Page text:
Interviewees’ characteristics

Seventeen of the 22 patients were asked for broad consent whilst hospitalized. This rate is consistent with Bochud et al. (2017) and with the broad consent procedure in place at the time of our study.


Requesting and giving broad consent to participation in a BIL in a hospital setting involves several challenges for recruiters and participants in order to meet the conditions of informed consent. Although interdependent, for the purpose of our description, we present them in accordance with the main themes issued from our thematic analysis: (1) assessing the patient’s decision-making capacity, (2) providing information and (3) role of recruiters in patient decision-making. Within this last theme, we discuss (3.1) acting as spokespersons of the BIL and (3.2) connecting with patients. Participants’ narratives and notes are translated from French to English.

Assessing decision-making capacity

Requesting broad consent involves assessing patient decision-making capacity. Recruiters were not specifically trained to assess decision-making capacity and, moreover, were meeting patients for the first, and possibly last, time. Therefore, when possible, they asked nurses and physicians for information about the patients’ decision-making capacity before meeting him or her (focus group 1). When there was no information available, their assessment was basic:

If we have the feeling that the patient did not understand… we do not take the risk [to make him sign a consent form]

Focus group 1

And the patient instantly said: “I am not interested, goodbye”. And I said: “There’s no problem, Sir”. I left and put “non eligible” on his form, to protect him and my colleagues.

Focus group 1

Their concern is at the same time legal – to avoid abusing someone’s weakness (focus group 1) – and moral. This moral issue is more apparent when consent is requested from teenagers:

My hierarchy says that teenagers older than 16 can give consent, but I feel it is not… morally sound. I am myself a mother of teenagers and would be angry if I discovered that someone had made them sign a consent without asking me. (…) I think it is important to involve the parents.

Focus group 1

Providing information

The information to be provided when requesting broad consent was well standardized within the BIL. The data we collected do not allow us to assess whether the standard procedure to inform patients was respected. Recruiters’ reports, however, show that it was often difficult to have enough privacy and time to present this information and answer questions:

So, I opened the door and… “Oh, there are 5 people in the room!” and you are there and the physician is examining someone, and the nurse is drawing blood from someone else,… and when you start speaking with a patient, a lady comes in to give him an ECG. Well, this may have happened to you too… [assents in the group]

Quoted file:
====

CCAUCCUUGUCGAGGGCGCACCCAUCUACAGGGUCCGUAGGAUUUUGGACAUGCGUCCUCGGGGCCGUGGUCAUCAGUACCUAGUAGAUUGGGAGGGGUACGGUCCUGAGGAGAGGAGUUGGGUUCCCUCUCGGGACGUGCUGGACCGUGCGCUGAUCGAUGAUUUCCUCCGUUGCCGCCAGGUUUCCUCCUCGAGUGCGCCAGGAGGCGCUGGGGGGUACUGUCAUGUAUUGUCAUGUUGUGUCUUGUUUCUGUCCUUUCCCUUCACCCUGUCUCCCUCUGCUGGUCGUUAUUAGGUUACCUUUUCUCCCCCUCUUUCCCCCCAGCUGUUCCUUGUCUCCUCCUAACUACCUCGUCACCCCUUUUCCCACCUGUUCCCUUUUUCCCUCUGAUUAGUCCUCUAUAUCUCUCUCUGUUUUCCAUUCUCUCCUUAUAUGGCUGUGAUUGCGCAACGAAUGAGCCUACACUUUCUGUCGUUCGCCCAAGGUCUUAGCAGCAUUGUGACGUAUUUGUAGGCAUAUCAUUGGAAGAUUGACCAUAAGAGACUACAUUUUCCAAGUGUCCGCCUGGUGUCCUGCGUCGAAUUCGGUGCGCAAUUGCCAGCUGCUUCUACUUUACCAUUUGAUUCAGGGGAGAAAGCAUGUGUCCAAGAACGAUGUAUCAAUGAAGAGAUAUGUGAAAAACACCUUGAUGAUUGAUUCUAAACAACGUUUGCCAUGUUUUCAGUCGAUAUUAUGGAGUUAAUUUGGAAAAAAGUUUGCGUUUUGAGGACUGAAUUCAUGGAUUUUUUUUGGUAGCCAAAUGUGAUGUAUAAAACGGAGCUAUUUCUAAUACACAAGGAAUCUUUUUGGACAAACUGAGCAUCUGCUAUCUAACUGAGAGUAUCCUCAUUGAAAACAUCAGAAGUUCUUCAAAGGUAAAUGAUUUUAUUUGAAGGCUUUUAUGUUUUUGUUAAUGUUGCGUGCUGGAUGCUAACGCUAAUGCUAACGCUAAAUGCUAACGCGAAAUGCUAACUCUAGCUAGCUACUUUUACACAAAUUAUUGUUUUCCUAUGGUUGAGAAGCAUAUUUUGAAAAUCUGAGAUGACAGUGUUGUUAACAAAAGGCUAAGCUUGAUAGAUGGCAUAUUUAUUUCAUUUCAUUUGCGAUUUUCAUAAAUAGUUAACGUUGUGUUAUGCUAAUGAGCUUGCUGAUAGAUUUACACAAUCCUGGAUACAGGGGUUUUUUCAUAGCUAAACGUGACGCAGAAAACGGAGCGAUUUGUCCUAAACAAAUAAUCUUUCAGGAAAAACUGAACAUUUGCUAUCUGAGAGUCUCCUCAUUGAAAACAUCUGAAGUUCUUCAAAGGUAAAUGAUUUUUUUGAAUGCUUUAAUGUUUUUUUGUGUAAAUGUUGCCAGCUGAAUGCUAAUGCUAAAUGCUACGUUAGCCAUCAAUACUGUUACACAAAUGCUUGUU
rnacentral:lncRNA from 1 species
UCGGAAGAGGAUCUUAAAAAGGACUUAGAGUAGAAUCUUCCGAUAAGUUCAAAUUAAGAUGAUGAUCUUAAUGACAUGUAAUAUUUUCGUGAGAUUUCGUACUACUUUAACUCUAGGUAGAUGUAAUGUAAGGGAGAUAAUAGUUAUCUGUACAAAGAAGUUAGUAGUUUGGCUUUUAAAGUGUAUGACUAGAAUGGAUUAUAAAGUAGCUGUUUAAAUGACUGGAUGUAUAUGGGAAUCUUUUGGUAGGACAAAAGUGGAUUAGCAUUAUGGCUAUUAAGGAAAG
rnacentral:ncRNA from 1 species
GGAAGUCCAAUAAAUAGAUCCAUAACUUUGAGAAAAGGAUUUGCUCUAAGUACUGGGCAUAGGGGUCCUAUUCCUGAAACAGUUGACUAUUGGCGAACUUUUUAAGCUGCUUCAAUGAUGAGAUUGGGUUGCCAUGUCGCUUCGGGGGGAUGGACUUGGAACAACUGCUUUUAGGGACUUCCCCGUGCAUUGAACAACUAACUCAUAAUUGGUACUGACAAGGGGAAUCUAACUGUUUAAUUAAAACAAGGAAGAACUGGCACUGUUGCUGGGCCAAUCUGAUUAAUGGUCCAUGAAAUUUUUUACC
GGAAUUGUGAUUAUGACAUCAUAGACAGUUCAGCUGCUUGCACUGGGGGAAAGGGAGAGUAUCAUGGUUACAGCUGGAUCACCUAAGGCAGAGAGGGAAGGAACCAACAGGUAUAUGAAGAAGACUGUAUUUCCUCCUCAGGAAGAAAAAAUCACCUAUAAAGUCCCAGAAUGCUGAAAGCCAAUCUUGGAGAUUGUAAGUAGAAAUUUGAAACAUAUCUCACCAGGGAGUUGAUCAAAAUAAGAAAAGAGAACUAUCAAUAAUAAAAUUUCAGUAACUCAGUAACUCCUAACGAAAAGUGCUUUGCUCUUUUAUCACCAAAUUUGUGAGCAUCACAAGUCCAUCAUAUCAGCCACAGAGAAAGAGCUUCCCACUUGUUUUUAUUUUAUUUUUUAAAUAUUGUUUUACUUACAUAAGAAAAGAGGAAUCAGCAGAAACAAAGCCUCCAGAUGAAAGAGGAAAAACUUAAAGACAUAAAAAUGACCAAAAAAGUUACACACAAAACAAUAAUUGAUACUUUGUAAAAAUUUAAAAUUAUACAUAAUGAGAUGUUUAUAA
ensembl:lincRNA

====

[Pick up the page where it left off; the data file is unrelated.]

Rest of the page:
Focus group 2

The presence of others was a problem for recruiters: speaking in front of nurses, physicians and other patients puts them under a great pressure (FG2). They also felt this was a problem for patients. Indeed, there was a constant risk of interruption.

I have to request consent of pregnant women that come for a routine check-up before they go in for the check-up (…) With the fluctuations of the physician’s schedule, the physician can call the woman I am interviewing at any time.

Focus group 2

Well, some days it can be stressful. The patient may be in another room, or may be downstairs for examinations, or he may have been moved to the intermediary care unit. When they are in the intermediary care unit, they are lost to us.

Focus group 2

Sometimes I am presenting the consent and the physician comes in and asks me to stop and go out since he has to finish his visits. Of course, [caregivers] have priority.

Focus group 2

When patient interviewees were asked about the recruiter’s visit, Interviewees 1, 2, 8, 12, 18, 20 remembered that the meeting was very short but stated that recruiters offered them more time to think about their participation. They did however sign for consent straight away. Interviewees 5 and 10 felt that the meeting was very short. Interviewee 10 said that he quickly made his decision and did not need more time to think about it. Interviewee 19 and 23 asked for some time to think about their participation in the BIL, and a recruiter came back a few days later.

Some other interviewees were not satisfied with the timing of the visit. Interviewee 13 disapproved that the institution prioritized broad consent over his basic needs:

When the recruiter passed by… it was a moment when I was waiting for other information from the hospital. Information was important to me, about my recovery, the insurance, when I could go back home (…), and I did not have any follow up about all that. But suddenly someone had time to visit me and question me about the broad consent.

Interviewee 13

Interviewee 2, 3 and 27 also felt that the conditions in which the conversation took place did not feel right. Interestingly, the narratives of interviewees 3 and 27 confirm recruiters’ fears that conditions for decision-making are sometimes not met. Interviewee 3 said that, among other reasons, she refused to participate in the BIL because she did not want to engage in a conversation that her neighbour could hear. Interviewee 27 refused to participate in the BIL since, at the moment of the visit, he felt emotionally distressed and that he could not make such a decision.

Other factors, independent of the explanations provided by the BIL recruiter, influenced patients’ decisions to participate in the BIL. Most accepted based on a cost-benefit argument: they felt that biobanks and medical research are useful, whereas giving 100 ml of blood was not a significant issue (Interviewee 8). Participating also seems to reinforce patient’s self-esteem and perceived efficacy, particularly since they are themselves ill and inactive at the moment of the request to participate in the BIL: